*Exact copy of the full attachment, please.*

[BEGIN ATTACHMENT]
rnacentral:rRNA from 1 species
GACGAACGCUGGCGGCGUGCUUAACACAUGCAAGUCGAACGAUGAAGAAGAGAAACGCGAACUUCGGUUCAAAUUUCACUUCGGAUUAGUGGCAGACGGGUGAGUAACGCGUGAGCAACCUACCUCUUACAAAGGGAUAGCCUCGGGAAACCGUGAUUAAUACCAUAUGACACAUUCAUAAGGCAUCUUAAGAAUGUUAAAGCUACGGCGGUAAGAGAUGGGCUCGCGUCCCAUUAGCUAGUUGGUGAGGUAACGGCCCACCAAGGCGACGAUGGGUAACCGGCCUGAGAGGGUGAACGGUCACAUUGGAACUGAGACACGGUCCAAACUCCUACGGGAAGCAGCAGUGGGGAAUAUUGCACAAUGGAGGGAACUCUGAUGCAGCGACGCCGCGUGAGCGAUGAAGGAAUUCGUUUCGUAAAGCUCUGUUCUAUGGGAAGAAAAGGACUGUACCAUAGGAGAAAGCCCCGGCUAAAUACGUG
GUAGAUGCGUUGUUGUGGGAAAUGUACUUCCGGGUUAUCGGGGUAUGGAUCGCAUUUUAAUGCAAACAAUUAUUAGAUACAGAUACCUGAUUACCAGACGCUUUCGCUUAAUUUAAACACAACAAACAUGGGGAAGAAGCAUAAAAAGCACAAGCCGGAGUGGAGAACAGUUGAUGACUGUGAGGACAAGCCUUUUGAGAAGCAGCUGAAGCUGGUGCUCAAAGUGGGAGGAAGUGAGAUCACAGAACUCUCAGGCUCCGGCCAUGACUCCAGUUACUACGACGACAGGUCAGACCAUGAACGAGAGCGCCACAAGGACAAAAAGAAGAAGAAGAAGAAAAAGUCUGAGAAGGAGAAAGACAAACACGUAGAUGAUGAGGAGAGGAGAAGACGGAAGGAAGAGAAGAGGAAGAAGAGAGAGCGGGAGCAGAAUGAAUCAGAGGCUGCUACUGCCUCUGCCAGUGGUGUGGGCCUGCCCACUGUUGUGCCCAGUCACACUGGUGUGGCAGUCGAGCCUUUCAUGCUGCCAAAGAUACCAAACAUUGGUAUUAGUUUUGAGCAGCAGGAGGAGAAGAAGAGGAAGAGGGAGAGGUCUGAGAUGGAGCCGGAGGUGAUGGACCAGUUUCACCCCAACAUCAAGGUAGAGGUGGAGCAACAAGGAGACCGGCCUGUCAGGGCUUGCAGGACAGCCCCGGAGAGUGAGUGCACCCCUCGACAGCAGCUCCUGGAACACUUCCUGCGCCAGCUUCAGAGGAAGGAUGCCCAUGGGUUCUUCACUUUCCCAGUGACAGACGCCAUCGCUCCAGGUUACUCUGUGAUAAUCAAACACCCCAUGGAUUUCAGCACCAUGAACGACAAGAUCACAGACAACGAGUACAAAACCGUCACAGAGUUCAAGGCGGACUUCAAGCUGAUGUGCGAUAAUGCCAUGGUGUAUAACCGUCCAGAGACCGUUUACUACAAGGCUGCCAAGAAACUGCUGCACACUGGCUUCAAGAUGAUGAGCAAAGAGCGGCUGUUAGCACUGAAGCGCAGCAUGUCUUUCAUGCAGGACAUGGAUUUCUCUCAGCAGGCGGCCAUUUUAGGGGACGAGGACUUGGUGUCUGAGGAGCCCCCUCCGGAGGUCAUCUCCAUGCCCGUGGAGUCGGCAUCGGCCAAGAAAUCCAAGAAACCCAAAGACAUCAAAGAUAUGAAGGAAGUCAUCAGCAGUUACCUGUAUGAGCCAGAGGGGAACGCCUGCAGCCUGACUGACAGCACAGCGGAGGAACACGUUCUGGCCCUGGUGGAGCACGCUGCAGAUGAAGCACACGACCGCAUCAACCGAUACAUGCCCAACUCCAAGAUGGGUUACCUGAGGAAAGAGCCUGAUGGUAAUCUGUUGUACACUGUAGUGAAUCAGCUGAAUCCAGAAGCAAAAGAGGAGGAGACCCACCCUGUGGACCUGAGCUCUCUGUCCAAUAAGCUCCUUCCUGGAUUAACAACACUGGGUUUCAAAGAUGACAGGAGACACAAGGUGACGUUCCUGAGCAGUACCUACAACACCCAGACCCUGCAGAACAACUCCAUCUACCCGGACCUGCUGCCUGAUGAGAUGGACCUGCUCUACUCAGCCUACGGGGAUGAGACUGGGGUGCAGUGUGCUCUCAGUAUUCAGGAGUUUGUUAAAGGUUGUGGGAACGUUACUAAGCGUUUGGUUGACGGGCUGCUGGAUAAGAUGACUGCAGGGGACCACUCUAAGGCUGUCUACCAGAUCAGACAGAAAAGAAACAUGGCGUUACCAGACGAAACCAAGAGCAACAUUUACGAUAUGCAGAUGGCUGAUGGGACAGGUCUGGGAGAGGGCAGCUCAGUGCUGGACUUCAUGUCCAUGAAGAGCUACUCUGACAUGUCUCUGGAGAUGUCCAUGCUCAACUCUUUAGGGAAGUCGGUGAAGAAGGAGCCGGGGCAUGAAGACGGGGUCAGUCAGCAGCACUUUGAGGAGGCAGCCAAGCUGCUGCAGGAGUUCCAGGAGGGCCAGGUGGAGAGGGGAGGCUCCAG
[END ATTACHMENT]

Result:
rnacentral:rRNA from 1 species
GACGAACGCUGGCGGCGUGCUUAACACAUGCAAGUCGAACGAUGAAGAAGAGAAACGCGAACUUCGGUUCAAAUUUCACUUCGGAUUAGUGGCAGACGGGUGAGUAACGCGUGAGCAACCUACCUCUUACAAAGGGAUAGCCUCGGGAAACCGUGAUUAAUACCAUAUGACACAUUCAUAAGGCAUCUUAAGAAUGUUAAAGCUACGGCGGUAAGAGAUGGGCUCGCGUCCCAUUAGCUAGUUGGUGAGGUAACGGCCCACCAAGGCGACGAUGGGUAACCGGCCUGAGAGGGUGAACGGUCACAUUGGAACUGAGACACGGUCCAAACUCCUACGGGAAGCAGCAGUGGGGAAUAUUGCACAAUGGAGGGAACUCUGAUGCAGCGACGCCGCGUGAGCGAUGAAGGAAUUCGUUUCGUAAAGCUCUGUUCUAUGGGAAGAAAAGGACUGUACCAUAGGAGAAAGCCCCGGCUAAAUACGUG
GUAGAUGCGUUGUUGUGGGAAAUGUACUUCCGGGUUAUCGGGGUAUGGAUCGCAUUUUAAUGCAAACAAUUAUUAGAUACAGAUACCUGAUUACCAGACGCUUUCGCUUAAUUUAAACACAACAAACAUGGGGAAGAAGCAUAAAAAGCACAAGCCGGAGUGGAGAACAGUUGAUGACUGUGAGGACAAGCCUUUUGAGAAGCAGCUGAAGCUGGUGCUCAAAGUGGGAGGAAGUGAGAUCACAGAACUCUCAGGCUCCGGCCAUGACUCCAGUUACUACGACGACAGGUCAGACCAUGAACGAGAGCGCCACAAGGACAAAAAGAAGAAGAAGAAGAAAAAGUCUGAGAAGGAGAAAGACAAACACGUAGAUGAUGAGGAGAGGAGAAGACGGAAGGAAGAGAAGAGGAAGAAGAGAGAGCGGGAGCAGAAUGAAUCAGAGGCUGCUACUGCCUCUGCCAGUGGUGUGGGCCUGCCCACUGUUGUGCCCAGUCACACUGGUGUGGCAGUCGAGCCUUUCAUGCUGCCAAAGAUACCAAACAUUGGUAUUAGUUUUGAGCAGCAGGAGGAGAAGAAGAGGAAGAGGGAGAGGUCUGAGAUGGAGCCGGAGGUGAUGGACCAGUUUCACCCCAACAUCAAGGUAGAGGUGGAGCAACAAGGAGACCGGCCUGUCAGGGCUUGCAGGACAGCCCCGGAGAGUGAGUGCACCCCUCGACAGCAGCUCCUGGAACACUUCCUGCGCCAGCUUCAGAGGAAGGAUGCCCAUGGGUUCUUCACUUUCCCAGUGACAGACGCCAUCGCUCCAGGUUACUCUGUGAUAAUCAAACACCCCAUGGAUUUCAGCACCAUGAACGACAAGAUCACAGACAACGAGUACAAAACCGUCACAGAGUUCAAGGCGGACUUCAAGCUGAUGUGCGAUAAUGCCAUGGUGUAUAACCGUCCAGAGACCGUUUACUACAAGGCUGCCAAGAAACUGCUGCACACUGGCUUCAAGAUGAUGAGCAAAGAGCGGCUGUUAGCACUGAAGCGCAGCAUGUCUUUCAUGCAGGACAUGGAUUUCUCUCAGCAGGCGGCCAUUUUAGGGGACGAGGACUUGGUGUCUGAGGAGCCCCCUCCGGAGGUCAUCUCCAUGCCCGUGGAGUCGGCAUCGGCCAAGAAAUCCAAGAAACCCAAAGACAUCAAAGAUAUGAAGGAAGUCAUCAGCAGUUACCUGUAUGAGCCAGAGGGGAACGCCUGCAGCCUGACUGACAGCACAGCGGAGGAACACGUUCUGGCCCUGGUGGAGCACGCUGCAGAUGAAGCACACGACCGCAUCAACCGAUACAUGCCCAACUCCAAGAUGGGUUACCUGAGGAAAGAGCCUGAUGGUAAUCUGUUGUACACUGUAGUGAAUCAGCUGAAUCCAGAAGCAAAAGAGGAGGAGACCCACCCUGUGGACCUGAGCUCUCUGUCCAAUAAGCUCCUUCCUGGAUUAACAACACUGGGUUUCAAAGAUGACAGGAGACACAAGGUGACGUUCCUGAGCAGUACCUACAACACCCAGACCCUGCAGAACAACUCCAUCUACCCGGACCUGCUGCCUGAUGAGAUGGACCUGCUCUACUCAGCCUACGGGGAUGAGACUGGGGUGCAGUGUGCUCUCAGUAUUCAGGAGUUUGUUAAAGGUUGUGGGAACGUUACUAAGCGUUUGGUUGACGGGCUGCUGGAUAAGAUGACUGCAGGGGACCACUCUAAGGCUGUCUACCAGAUCAGACAGAAAAGAAACAUGGCGUUACCAGACGAAACCAAGAGCAACAUUUACGAUAUGCAGAUGGCUGAUGGGACAGGUCUGGGAGAGGGCAGCUCAGUGCUGGACUUCAUGUCCAUGAAGAGCUACUCUGACAUGUCUCUGGAGAUGUCCAUGCUCAACUCUUUAGGGAAGUCGGUGAAGAAGGAGCCGGGGCAUGAAGACGGGGUCAGUCAGCAGCACUUUGAGGAGGCAGCCAAGCUGCUGCAGGAGUUCCAGGAGGGCCAGGUGGAGAGGGGAGGCUCCAG